This blog is intended to go along with Population: An Introduction to Concepts and Issues, by John R. Weeks, published by Cengage Learning. The latest edition is the 12th (it came out in 2015), but this blog is meant to complement any edition of the book by showing the way in which demographic issues are regularly in the news.

If you are a user of my textbook and would like to suggest a blog post idea, please email me at: john.weeks@sdsu.edu

Tuesday, October 20, 2015

World Statistics Day--You Can Count on It!

Today has been World Statistics Day, as declared by the United Nations. Gathering good data is fundamental to the entire scientific endeavor that has taken place especially with the dawning of the Enlightenment in Europe in the 18th century. That doesn't mean that people didn't use data before that (a census is mentioned in the Old Testament of the Bible, after all), but almost every aspect of the modern world is driven by data. Data keep getting "bigger" as our data emitting and receiving devices get smaller.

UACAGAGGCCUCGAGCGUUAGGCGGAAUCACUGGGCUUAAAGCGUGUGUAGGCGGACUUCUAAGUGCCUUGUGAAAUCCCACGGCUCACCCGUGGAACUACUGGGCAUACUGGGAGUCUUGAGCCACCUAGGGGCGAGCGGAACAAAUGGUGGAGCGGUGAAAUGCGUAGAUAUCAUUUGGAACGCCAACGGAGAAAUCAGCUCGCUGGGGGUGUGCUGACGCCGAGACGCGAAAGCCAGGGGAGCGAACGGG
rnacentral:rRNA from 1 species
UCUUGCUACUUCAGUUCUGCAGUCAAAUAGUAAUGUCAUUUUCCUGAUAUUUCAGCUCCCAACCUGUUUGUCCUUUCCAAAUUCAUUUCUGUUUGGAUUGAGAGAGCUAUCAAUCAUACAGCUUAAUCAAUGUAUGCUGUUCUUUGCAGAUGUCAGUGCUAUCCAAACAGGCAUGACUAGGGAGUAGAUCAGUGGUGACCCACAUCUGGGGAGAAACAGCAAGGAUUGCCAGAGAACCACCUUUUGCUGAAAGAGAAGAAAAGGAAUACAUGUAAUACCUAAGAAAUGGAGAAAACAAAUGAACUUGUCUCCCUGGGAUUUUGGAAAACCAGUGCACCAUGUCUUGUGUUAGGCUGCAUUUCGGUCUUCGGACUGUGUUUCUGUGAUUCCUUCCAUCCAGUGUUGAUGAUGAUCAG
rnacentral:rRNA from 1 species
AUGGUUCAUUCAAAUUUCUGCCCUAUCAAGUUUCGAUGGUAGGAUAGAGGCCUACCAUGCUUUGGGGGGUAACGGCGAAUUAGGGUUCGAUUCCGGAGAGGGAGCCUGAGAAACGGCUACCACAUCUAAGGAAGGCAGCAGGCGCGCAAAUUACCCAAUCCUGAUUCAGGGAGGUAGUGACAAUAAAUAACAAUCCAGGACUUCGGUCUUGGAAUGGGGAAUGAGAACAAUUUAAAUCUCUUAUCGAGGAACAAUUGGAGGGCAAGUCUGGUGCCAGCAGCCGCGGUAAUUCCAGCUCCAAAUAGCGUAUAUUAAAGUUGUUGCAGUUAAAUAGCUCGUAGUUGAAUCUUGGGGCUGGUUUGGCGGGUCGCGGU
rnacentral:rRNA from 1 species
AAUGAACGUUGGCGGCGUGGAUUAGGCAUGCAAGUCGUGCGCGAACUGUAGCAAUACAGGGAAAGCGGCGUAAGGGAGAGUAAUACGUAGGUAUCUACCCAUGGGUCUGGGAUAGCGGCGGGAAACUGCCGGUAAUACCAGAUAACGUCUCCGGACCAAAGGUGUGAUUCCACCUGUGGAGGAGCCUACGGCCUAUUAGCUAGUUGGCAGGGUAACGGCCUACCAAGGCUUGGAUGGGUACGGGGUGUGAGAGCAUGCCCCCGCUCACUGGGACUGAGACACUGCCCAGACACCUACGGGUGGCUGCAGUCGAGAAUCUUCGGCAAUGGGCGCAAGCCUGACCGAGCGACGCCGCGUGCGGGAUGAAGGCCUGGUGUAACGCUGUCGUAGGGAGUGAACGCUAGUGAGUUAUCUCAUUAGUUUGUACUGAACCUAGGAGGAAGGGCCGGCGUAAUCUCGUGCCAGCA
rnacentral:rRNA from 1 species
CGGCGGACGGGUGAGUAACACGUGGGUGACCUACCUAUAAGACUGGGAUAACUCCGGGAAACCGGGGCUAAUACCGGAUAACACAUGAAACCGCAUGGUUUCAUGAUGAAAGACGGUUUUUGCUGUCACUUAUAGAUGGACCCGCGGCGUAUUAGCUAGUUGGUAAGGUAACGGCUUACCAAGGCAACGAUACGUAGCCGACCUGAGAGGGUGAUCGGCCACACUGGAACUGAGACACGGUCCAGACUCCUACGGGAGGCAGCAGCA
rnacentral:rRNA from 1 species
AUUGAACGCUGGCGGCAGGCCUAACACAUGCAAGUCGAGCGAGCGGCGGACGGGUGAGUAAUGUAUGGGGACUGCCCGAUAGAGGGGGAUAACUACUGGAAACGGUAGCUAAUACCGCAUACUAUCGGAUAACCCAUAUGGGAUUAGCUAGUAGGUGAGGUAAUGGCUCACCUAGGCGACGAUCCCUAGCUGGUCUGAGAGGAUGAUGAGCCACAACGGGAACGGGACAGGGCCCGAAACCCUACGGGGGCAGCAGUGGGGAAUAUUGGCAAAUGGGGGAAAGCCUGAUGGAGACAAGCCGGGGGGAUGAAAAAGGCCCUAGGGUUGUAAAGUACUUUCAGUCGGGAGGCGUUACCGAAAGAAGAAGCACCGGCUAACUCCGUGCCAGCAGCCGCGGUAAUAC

The UN Secretary-General had this message to the world to commemorate the day:
"On this World Statistics Day, I urge all partners and stakeholders to work together to ensure that the necessary investments are made, adequate technical capacity is built, new data sources are explored and innovative processes are applied to give all countries the comprehensive information systems they need to achieve sustainable development."
These are, of course, exactly the kind of data that allowed Angus Deaton to accomplish his prize-winning work. Indeed, I suspect that there has never been a Nobel Prize winner in Economics who did not rely in some important way on government-generated data available to the public to analyze for the public good. Please spread that message to your member of the US Congress the next time there are murmurings about cutting back on the census, the American Community Survey, or any other government data collection scheme. 

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